Paulwell: COVID hunger pangs may spark unrest
Painting a worrying picture of many Jamaicans struggling to stave off the pangs of hunger from the COVID-19 economic fallout, opposition lawmaker Phillip Paulwell is urging the Government to double the $10.6-billion aid package.
Paulwell argued that the contingency fund was woefully inadequate.
Financial Secretary Darlene Morrison said Finance Minister Dr Nigel Clarke will respond to the emerging concerns when he addresses Parliament next Tuesday.
Paulwell shared with his parliamentary colleagues yesterday that he went into his constituency recently to provide care packages to the elderly and shut-ins but had a rude awakening. He revealed that the demand for packages was about 2,500 - more than three times the 700 he distributed.
“The experience of going out there reveals to me that it is not only our elderly who are in dire straits. We have a large mass of people who are growing in hunger.
“... Without there being some palliative to assist these persons, we are going to be in for serious social upheaval,” he said during a meeting of Parliament’s Public Administration and Appropriations Committee (PAAC).
Yesterday, Deputy Financial Secretary Courtney Williams told the committee that the Ministry of Finance had received nearly half a million applications for financial assistance.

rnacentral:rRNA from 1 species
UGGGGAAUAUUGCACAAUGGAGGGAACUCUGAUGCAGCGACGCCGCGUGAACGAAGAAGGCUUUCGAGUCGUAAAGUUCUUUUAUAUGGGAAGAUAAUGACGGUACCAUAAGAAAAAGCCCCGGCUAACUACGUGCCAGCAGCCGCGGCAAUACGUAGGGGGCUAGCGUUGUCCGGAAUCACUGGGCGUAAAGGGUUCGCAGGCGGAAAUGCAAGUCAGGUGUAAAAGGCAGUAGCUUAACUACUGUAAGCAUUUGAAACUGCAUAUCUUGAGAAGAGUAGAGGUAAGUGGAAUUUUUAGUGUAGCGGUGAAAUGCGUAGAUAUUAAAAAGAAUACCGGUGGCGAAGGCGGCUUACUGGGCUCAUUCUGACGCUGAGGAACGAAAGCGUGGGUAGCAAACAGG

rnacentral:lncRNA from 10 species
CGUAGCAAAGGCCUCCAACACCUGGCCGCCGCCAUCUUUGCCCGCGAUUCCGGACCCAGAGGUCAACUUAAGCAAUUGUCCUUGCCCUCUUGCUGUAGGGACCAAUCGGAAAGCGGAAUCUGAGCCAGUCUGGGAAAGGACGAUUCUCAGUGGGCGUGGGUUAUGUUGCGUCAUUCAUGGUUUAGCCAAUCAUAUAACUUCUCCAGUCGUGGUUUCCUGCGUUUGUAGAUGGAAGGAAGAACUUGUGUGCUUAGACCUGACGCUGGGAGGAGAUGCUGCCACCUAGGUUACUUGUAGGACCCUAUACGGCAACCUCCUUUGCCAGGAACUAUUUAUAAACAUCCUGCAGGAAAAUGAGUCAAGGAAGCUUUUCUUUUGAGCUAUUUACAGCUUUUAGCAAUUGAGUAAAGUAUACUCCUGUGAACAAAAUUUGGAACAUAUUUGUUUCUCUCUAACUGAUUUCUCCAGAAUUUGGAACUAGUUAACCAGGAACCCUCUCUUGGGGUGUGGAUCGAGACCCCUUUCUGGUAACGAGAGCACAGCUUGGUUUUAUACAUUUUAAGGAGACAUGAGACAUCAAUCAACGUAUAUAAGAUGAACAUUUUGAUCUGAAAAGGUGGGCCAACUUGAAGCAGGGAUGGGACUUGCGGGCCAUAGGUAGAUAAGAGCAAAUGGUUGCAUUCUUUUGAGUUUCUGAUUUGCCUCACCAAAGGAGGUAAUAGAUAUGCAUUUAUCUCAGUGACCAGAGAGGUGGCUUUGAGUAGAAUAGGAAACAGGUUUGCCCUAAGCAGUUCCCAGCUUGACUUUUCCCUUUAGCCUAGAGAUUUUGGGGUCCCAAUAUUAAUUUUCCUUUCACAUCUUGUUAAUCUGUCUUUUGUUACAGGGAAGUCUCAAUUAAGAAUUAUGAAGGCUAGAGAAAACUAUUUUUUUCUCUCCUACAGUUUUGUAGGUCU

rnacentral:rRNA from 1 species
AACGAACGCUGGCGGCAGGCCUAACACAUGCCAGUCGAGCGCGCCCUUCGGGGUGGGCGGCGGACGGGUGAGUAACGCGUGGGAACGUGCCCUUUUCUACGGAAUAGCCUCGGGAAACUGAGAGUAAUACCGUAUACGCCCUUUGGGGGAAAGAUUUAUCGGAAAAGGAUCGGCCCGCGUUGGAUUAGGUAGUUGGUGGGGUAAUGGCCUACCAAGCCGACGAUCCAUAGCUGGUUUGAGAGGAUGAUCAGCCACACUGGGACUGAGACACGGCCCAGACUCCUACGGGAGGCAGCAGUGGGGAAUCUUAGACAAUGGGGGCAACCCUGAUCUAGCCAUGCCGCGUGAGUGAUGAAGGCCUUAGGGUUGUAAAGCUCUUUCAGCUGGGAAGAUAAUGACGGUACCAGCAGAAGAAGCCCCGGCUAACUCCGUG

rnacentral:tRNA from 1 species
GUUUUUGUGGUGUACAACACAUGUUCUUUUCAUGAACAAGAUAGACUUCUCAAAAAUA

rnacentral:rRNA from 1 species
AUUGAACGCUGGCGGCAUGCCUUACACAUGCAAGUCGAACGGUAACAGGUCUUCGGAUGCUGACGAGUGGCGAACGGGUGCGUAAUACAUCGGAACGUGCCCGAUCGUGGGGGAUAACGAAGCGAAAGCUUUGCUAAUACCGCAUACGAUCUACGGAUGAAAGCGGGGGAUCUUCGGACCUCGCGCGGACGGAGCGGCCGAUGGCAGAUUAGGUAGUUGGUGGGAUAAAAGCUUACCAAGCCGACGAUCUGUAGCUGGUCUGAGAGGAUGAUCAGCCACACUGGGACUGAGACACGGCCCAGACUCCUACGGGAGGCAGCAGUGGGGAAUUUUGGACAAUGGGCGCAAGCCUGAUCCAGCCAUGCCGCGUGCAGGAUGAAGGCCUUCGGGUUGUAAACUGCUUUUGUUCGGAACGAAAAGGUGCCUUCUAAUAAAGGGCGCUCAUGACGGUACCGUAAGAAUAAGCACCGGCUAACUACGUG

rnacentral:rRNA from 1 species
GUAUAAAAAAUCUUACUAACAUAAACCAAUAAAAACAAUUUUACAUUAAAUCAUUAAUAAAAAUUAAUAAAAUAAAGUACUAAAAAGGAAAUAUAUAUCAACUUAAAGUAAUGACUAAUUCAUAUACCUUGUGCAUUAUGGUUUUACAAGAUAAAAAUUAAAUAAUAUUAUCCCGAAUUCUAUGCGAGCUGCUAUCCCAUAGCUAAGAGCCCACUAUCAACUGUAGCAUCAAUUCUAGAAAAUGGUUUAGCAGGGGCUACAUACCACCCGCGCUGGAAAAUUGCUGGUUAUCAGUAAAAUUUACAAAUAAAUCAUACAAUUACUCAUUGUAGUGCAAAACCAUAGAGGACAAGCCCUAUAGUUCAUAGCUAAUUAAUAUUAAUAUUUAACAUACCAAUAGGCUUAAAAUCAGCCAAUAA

He said that applications for compassionate grants, which were shut down last week owing to an oversubscription, account for the lion’s share of the requests, totalling 403,000.
At least 60,000 persons who lost their jobs since March 10, when the first COVID case was confirmed in Jamaica, applied for the Supporting Employees with Transfer of Cash programme.
Paulwell conceded that the Government’s assistance package was devised at a time when the country was unable to forecast the “dramatic impact that this virus scenario has created in our country”.
The Kingston East and Port Royal representative also wants the Government to advance half of the $20 million allocated annually for the Constituency Development Fund to enable MPs to assist “in this crisis of hunger”.
Committee Chairman Dr Wykeham McNeill said that many young persons in his Westmoreland Western constituency who operated on the margins doing odd jobs were now faced with the grim reality of not satisfying their basic needs.
“Part of the problem we have is you are telling persons to stay home, you’re telling them to shut in, [but] they have no money, no source of income. You are asking them to do the impossible,” he observed.
During yesterday’s PAAC meeting, calls were made for the finance ministry to reopen applications under the Government’s compassionate assistance programme.
Responding to queries by opposition committee member Denise Daley, the financial secretary confirmed that windscreen wipers could get assistance under the support programmes.
It was also disclosed that beneficiaries of the Programme for the Advancement Through Health and Education could also qualify for the compassionate grant.
Meanwhile, Williams revealed that there were 4,500 bar operators on the Government’s tax roll. However, Mikael Phillips, the committee member representing Manchester North West, suggested that more than 4,000 bar operators could reside in each of the country’s 63 constituencies.